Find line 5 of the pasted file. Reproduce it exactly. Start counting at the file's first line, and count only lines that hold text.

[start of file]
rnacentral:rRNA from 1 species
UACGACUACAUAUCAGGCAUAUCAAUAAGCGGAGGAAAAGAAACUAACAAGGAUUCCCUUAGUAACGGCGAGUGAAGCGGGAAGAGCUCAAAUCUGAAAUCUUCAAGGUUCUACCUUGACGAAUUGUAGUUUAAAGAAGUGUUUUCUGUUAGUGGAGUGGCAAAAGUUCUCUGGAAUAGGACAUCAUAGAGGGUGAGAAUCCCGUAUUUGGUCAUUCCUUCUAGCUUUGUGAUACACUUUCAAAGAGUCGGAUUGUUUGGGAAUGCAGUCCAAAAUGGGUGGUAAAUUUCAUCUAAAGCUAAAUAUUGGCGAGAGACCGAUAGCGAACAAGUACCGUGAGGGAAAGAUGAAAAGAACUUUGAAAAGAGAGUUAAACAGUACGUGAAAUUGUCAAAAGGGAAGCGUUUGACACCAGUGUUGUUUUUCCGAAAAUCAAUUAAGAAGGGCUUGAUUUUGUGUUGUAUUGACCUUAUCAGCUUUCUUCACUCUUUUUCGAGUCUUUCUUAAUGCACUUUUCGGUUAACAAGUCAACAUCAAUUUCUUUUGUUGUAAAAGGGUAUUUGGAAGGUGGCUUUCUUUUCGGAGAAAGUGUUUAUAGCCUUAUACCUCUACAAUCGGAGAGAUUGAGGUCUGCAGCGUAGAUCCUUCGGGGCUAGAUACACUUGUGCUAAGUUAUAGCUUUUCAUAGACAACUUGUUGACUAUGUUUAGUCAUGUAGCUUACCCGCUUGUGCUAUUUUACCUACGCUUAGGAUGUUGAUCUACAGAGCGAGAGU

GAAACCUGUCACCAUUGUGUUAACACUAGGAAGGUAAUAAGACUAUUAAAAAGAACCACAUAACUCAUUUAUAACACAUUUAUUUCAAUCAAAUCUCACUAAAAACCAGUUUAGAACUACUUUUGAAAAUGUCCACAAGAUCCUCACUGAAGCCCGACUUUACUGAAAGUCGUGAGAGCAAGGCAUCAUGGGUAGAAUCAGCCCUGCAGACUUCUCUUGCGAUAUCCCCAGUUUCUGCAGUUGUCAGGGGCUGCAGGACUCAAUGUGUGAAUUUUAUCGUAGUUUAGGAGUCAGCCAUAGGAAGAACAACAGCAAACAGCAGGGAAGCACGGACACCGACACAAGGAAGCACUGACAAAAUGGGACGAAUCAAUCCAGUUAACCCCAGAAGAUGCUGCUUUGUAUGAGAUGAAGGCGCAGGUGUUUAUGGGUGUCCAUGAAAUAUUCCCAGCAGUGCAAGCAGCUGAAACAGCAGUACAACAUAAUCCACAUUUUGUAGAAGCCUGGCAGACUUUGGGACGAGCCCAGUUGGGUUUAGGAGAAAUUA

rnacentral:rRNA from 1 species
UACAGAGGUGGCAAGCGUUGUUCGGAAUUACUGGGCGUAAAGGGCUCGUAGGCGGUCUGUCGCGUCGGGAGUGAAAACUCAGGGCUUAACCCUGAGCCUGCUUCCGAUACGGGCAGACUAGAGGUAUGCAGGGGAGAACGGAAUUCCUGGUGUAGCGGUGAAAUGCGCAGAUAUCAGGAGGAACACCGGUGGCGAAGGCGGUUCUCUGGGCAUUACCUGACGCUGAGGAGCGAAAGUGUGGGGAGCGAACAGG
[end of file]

UACAGAGGUGGCAAGCGUUGUUCGGAAUUACUGGGCGUAAAGGGCUCGUAGGCGGUCUGUCGCGUCGGGAGUGAAAACUCAGGGCUUAACCCUGAGCCUGCUUCCGAUACGGGCAGACUAGAGGUAUGCAGGGGAGAACGGAAUUCCUGGUGUAGCGGUGAAAUGCGCAGAUAUCAGGAGGAACACCGGUGGCGAAGGCGGUUCUCUGGGCAUUACCUGACGCUGAGGAGCGAAAGUGUGGGGAGCGAACAGG